The Tom Wolfe Novel Writes Itself
On top of the Wall Street Journal piece comes a story in today’s New York Times titled, Expansion of Bike Lanes Brings Backlash. I think the article stinks a bit of cable news style debate with equal weight given to the DOT’s statistics and a vocal minority of cranksters. One great example is Leslie Sicklick who “grew up driving with her father around the Lower East Side, where she still lives.” It takes a special kind of auto-centric thinking to look at Union Square, teeming with pedestrians, NYU students, farmers market vendors, artists, and street performers and say that it’s “one of the worst areas created by the new bike lanes.”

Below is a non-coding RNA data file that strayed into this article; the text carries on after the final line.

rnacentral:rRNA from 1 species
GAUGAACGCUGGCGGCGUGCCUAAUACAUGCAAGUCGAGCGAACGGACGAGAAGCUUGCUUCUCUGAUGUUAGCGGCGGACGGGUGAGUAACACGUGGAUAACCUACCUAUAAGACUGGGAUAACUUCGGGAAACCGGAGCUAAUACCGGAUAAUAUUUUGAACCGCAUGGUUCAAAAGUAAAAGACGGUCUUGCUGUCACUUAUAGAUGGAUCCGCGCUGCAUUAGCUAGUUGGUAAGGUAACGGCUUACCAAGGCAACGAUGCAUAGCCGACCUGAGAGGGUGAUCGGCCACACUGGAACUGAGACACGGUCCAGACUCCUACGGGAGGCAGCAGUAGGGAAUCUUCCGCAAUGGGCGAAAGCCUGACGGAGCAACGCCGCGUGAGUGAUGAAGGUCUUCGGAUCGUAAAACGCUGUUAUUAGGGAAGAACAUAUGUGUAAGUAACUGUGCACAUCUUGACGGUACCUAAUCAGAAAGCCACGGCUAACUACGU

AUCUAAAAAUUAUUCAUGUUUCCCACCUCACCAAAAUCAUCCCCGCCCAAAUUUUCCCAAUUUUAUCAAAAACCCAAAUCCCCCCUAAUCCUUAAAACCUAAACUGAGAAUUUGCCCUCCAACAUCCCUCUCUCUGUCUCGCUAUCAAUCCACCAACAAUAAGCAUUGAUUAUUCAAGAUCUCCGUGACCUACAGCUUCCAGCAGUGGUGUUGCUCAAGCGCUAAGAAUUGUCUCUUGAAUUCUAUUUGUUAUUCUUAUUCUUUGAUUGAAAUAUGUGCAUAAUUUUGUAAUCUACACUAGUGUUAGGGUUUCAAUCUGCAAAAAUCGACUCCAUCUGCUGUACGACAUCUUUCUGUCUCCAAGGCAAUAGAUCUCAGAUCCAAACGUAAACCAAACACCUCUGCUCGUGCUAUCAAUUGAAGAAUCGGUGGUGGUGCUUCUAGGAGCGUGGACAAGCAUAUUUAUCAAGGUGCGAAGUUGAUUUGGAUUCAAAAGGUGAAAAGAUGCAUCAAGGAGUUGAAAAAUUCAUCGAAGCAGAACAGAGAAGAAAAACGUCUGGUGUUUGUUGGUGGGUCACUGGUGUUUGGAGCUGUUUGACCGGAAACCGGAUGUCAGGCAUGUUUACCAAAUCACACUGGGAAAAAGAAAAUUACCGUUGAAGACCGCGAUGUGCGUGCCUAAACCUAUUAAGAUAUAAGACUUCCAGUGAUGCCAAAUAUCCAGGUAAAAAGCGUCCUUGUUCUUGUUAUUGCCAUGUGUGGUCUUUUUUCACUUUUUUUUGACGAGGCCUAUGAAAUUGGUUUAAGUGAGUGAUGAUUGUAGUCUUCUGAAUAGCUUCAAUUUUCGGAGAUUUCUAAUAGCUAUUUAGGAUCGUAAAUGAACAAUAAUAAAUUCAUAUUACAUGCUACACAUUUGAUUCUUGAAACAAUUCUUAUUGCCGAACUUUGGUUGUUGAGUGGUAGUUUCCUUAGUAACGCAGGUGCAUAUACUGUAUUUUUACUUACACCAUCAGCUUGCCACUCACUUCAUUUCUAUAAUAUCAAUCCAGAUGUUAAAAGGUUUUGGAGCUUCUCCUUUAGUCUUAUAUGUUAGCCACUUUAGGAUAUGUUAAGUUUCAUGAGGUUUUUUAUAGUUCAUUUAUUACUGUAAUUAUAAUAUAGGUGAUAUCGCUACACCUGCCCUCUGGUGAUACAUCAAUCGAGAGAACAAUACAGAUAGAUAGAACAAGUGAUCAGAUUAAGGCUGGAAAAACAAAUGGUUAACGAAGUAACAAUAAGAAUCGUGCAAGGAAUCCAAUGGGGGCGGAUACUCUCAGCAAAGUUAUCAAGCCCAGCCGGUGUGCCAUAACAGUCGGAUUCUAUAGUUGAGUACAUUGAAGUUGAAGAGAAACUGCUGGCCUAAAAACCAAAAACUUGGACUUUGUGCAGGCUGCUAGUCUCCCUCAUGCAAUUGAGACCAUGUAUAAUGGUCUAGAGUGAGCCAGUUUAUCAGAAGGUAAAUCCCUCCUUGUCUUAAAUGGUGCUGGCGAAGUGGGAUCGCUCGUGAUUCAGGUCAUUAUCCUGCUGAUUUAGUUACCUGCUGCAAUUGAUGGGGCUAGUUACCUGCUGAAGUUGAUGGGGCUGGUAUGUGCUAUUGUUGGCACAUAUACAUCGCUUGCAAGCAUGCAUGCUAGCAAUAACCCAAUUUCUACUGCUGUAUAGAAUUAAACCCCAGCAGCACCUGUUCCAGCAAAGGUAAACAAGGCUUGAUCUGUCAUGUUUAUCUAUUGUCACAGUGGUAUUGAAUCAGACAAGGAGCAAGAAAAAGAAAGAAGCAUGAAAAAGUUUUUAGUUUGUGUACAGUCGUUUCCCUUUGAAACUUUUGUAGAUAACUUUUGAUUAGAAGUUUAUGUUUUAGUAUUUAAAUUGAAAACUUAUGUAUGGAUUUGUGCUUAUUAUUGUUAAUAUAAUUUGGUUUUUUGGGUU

Later in the story, check out who is quoted as a representative of the”well-connected neighbors” on Prospect Park West who “are fighting to eliminate the 1.8-mile, two-way strip of green paint.”
“Things have come to a critical pass,” said Lois Carswell, one of the organizers of an Oct. 21 protest by several dozen opponents of the lane.
Carswell. You can not make stories like this up.
One other thing to point out in the story that speaks to a larger problem in the news of all opinions being weighted equally with actual facts. The Bedford Avenue bike lane was removed because of objections by the local Hasidic community. Their objections weren’t that it caused more accidents (it didn’t) or created more traffic (it didn’t) or that it was ugly (who can argue?) but that it allowed scantily clad bikers, mainly women, to ride through “their” neighborhood and offend their religious sensibilities. But the Times doesn’t mention that.